These are the questions you’ll need to ask yourself to make sure you fully understand what power reliability means for your business.

Believe it or not, not all companies have a firm grip on these cost factors. Proper measurement and verification of these costs resulting from unplanned downtime or equipment failure are foundational for the analysis.

Remember to avoid comparing the cost of downtime to charges associated with a power resiliency plan. People end up making decisions based on current information rather than projected costs of owning and maintaining the equipment (i.e., think cost of lifetime ownership with a vehicle.)

It’s not an apples-to-apples comparison and can be misleading – ultimately shaping actions that aren’t beneficial to your operations or the future of your business.


(Source: Cost of Downtime)


What are your resiliency goals?

With your cost of downtime clearly defined, it’s now time to define your objectives and goals. Understanding the short- and long-term imperatives (i.e., adding equipment, growing in plant footprint, pivoting business model, etc.) will help drive better decisions.

Do you want to design a system that provides reliable power to manufacturing, research and development – or even the entire facility?

While many people think backing up the entire facility is the best option, it may not be feasible for every pharmaceutical manufacturer. As you consider your own objectives and goals – and how they relate to resiliency – it’s important to understand that competing challenges may lie in your organization. For example, the IT department may have different needs than that of your research and development, operations or testing departments.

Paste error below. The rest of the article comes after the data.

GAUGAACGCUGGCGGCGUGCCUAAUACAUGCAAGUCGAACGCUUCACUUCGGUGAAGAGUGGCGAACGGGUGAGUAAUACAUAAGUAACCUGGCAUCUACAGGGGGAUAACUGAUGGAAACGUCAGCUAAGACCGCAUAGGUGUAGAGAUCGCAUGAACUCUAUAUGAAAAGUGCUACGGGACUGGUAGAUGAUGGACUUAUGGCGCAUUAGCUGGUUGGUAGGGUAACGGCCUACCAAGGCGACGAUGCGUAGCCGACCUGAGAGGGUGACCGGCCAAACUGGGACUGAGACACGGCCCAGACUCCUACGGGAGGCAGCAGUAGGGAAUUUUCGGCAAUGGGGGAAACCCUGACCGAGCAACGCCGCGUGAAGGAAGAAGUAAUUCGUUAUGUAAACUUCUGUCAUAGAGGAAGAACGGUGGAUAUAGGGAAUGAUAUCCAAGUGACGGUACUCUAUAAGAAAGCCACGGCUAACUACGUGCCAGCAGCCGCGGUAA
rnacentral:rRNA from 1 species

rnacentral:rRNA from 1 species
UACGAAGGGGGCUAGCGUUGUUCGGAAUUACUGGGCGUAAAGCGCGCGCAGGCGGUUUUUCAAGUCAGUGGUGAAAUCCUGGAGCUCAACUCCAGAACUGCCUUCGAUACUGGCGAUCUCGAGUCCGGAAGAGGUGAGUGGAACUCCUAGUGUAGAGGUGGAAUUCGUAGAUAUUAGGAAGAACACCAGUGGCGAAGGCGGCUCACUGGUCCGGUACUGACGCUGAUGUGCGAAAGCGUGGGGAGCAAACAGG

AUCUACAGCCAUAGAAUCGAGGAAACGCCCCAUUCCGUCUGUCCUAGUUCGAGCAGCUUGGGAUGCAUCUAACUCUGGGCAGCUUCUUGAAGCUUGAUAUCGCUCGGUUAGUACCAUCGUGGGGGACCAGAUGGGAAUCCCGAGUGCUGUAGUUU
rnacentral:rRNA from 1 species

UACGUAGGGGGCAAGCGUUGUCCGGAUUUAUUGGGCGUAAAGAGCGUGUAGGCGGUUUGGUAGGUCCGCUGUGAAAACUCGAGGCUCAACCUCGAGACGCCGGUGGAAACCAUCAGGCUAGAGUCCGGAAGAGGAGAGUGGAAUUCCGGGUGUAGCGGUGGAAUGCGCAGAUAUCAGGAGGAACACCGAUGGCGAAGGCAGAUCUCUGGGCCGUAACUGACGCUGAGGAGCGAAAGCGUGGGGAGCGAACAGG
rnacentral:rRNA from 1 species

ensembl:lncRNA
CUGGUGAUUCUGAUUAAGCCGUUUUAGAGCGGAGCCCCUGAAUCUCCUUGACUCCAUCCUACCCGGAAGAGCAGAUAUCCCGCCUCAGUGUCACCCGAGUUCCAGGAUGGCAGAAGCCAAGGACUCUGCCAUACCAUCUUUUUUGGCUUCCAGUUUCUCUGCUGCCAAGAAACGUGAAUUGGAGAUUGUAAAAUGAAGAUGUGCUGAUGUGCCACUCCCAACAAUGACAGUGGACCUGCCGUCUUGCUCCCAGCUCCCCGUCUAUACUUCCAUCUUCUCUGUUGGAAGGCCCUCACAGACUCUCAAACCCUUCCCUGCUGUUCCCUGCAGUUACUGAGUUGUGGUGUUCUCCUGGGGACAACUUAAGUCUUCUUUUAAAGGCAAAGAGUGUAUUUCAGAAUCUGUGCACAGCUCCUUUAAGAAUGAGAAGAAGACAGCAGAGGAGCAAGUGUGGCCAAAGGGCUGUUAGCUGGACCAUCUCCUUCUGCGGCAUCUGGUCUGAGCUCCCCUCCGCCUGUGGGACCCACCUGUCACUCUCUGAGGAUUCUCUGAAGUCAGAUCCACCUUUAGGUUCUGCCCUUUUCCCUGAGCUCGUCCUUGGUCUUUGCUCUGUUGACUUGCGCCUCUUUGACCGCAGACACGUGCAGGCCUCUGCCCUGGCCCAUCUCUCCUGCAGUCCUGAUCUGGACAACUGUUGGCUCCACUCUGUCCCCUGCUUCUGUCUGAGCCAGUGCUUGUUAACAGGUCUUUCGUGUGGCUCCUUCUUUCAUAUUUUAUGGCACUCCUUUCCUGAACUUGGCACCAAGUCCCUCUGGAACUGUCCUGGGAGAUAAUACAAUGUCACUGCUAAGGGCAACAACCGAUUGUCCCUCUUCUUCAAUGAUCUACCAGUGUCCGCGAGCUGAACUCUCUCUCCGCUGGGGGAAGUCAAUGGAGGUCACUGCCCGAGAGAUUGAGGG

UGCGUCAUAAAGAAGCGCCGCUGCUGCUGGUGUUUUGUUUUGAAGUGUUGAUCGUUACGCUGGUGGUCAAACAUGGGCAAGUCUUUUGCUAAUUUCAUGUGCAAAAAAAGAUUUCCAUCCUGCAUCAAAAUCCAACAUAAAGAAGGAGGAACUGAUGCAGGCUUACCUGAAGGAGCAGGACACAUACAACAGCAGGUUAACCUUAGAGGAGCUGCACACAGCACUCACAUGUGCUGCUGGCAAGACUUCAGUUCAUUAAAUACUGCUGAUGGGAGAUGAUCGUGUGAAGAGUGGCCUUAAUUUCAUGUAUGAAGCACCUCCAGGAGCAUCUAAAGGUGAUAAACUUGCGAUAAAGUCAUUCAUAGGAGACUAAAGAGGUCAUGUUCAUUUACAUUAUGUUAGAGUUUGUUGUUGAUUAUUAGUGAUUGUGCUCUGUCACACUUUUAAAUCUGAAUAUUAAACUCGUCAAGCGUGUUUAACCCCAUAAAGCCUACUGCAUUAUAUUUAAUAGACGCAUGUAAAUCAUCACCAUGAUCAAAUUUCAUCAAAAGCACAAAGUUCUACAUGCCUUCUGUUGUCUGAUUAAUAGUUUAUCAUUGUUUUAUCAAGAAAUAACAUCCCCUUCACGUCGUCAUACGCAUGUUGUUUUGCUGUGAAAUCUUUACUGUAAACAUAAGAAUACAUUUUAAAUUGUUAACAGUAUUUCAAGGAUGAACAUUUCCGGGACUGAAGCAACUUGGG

Your checklist should start with:

    1. Operating Hours – worked, missed, scheduled
    2. Annual Sales
    3. Impact of the Event (outage) – hours of duration, recovery time
    4. Direct and Indirect Cost of the Outage – Labor lost during the outage and recovery, materials not produced or even lost, penalty costs if applicable, lost sales/revenue, equipment maintenance and repairs

Most companies begin with the following list of key contributing factors:

    1. Are there any business changes planned that may impact the plan?
    2. Do we have organizational alignment?
    3. Whom can we collaborate with to design, construct, operate and maintain the system?
    4. Is there capital available to implement or enhance our existing resiliency plan?
    5. Will the plan positively impact our sustainability goals?
    6. What is our time frame?
    7. Will there be business interruptions throughout development?

Once you have your goals and objectives outlined, you’re better able to create a flexible and reliable power system that best meets your organization’s needs.


Outsourcing the operation, maintenance and financing of critical power solutions.

Why pharmaceutical manufacturers turn to Energy Infrastructure as a Service